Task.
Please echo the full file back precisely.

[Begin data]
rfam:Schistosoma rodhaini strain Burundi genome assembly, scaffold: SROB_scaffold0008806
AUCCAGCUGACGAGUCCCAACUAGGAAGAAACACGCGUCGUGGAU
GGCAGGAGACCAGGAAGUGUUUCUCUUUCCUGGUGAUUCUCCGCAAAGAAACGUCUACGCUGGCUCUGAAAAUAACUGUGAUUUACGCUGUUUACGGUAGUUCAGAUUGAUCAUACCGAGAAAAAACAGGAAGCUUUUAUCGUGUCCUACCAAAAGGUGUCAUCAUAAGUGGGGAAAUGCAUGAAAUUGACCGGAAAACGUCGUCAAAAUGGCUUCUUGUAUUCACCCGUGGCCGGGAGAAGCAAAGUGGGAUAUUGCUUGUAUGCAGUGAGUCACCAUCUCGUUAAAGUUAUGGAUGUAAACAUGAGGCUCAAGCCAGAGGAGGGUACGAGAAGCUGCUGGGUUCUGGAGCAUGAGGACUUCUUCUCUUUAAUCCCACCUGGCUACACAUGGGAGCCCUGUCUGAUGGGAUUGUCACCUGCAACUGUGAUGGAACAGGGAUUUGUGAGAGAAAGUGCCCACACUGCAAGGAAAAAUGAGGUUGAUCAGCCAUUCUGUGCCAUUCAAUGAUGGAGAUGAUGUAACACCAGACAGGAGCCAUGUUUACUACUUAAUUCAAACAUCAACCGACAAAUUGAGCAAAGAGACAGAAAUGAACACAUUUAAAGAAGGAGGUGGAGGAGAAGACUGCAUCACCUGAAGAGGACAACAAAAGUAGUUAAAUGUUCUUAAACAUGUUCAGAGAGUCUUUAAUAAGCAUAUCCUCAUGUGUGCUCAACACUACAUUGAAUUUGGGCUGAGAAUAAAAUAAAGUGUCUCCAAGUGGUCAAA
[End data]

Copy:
rfam:Schistosoma rodhaini strain Burundi genome assembly, scaffold: SROB_scaffold0008806
AUCCAGCUGACGAGUCCCAACUAGGAAGAAACACGCGUCGUGGAU
GGCAGGAGACCAGGAAGUGUUUCUCUUUCCUGGUGAUUCUCCGCAAAGAAACGUCUACGCUGGCUCUGAAAAUAACUGUGAUUUACGCUGUUUACGGUAGUUCAGAUUGAUCAUACCGAGAAAAAACAGGAAGCUUUUAUCGUGUCCUACCAAAAGGUGUCAUCAUAAGUGGGGAAAUGCAUGAAAUUGACCGGAAAACGUCGUCAAAAUGGCUUCUUGUAUUCACCCGUGGCCGGGAGAAGCAAAGUGGGAUAUUGCUUGUAUGCAGUGAGUCACCAUCUCGUUAAAGUUAUGGAUGUAAACAUGAGGCUCAAGCCAGAGGAGGGUACGAGAAGCUGCUGGGUUCUGGAGCAUGAGGACUUCUUCUCUUUAAUCCCACCUGGCUACACAUGGGAGCCCUGUCUGAUGGGAUUGUCACCUGCAACUGUGAUGGAACAGGGAUUUGUGAGAGAAAGUGCCCACACUGCAAGGAAAAAUGAGGUUGAUCAGCCAUUCUGUGCCAUUCAAUGAUGGAGAUGAUGUAACACCAGACAGGAGCCAUGUUUACUACUUAAUUCAAACAUCAACCGACAAAUUGAGCAAAGAGACAGAAAUGAACACAUUUAAAGAAGGAGGUGGAGGAGAAGACUGCAUCACCUGAAGAGGACAACAAAAGUAGUUAAAUGUUCUUAAACAUGUUCAGAGAGUCUUUAAUAAGCAUAUCCUCAUGUGUGCUCAACACUACAUUGAAUUUGGGCUGAGAAUAAAAUAAAGUGUCUCCAAGUGGUCAAA